Apex gang members could be facing deportation after Victoria Police handed over the names of serious criminal offenders to the Australian Border Force.
Some of those allegedly associated with the gang have been included in a list of criminals that meet the requirements for visa cancellations, police say.
The Herald Sun has reported that four of the offenders are linked with the gang, including three people from New Zealand and one from Sudan.
Referrals to the police have already resulted in a number of adult offenders being sent out of the country.
The News Corp paper reports that one of the men has already been deported to New Zealand.
Henry Robati, 19, has been identified by the Herald Sun as the first Apex-linked criminal to allegedly be deported.
He was sent back to New Zealand last April after his visa was cancelled.
The remaining trio in custody have been told their visas have been cancelled and are appealing those cancellations, the Herald Sun reports.
One of the them is allegedly Sudenese national Isaac Gatkouth, 19, who was sentenced last May to 14 months in a youth detention centre over a carjacking in Melbourne's Frankston South the previous November.
He had reportedly been on the drug ice at the time and had not slept for two weeks, the Herald Sun reports.
Immigration Minister Peter Dutton told the Herald Sun: "Federal authorities will do all they can to assist the Victorian police in countering this violent gang".
The notorious street gang has been identified as being responsible for several violent carjackings and home invasions since 2015, as well as the Moomba riot in Melbourne's CBD last March.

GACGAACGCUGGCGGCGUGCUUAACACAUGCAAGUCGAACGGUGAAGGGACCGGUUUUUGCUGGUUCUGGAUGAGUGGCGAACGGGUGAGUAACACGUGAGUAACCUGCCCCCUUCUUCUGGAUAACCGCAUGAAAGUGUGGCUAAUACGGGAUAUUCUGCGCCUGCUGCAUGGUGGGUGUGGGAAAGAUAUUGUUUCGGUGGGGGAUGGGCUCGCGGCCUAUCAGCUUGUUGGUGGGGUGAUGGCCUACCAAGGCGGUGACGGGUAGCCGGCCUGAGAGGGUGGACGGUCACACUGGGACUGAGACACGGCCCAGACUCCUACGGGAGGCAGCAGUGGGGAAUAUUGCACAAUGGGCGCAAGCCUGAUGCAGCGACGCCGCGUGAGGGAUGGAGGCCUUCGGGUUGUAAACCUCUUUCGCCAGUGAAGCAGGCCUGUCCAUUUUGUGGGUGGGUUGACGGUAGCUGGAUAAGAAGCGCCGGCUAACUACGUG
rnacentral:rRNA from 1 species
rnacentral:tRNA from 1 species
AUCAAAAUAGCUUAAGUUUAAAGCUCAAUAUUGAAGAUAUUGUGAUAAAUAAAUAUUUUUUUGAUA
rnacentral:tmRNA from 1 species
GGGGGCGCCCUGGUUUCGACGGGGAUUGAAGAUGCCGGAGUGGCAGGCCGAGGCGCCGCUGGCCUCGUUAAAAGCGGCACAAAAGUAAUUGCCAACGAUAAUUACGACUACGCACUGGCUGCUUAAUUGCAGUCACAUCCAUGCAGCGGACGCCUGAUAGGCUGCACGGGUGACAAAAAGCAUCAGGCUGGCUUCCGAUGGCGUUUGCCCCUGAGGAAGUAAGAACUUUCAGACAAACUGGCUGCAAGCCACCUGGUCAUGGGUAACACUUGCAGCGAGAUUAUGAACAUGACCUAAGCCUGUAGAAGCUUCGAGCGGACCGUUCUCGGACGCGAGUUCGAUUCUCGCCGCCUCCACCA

Gatkouth was allegedly in a stolen BMW which rammed a Ford Falcon XR6 in Cranbourne Road.
The BMW was later involved in a car crash which killed mother-of-two Amanda Matheson.
In court, Gatkouth denied he had been an Apex member at the time of the carjacking.
However, prosecutors argued that the other people in the car were Apex members and Gatkouth had a long association with the group.
The names of child offenders under the age of 18 have also been given over "under exceptional circumstances".
While Victoria Police says the decision to apply for a cancellation of a person's visa "is not taken lightly", they say the referrals pertain to those who have committed serious criminal offences.
Victoria Police declined to provide any more information.
"As this is a confidential process, no further details will be released," they said in statement.
Australian Border Force Commissioner Roman Quaedvlieg told the Herald Sun the force was working with Victoria Police to cancel visas for those who "engage in gang violence and other criminal activity".
The gang, from Melbourne's south-east, was named after Apex Street in Dandenong North from where several of its founders hail, has been responsible for violent crimes and have been on the police radar for more than a year.
News break - January 19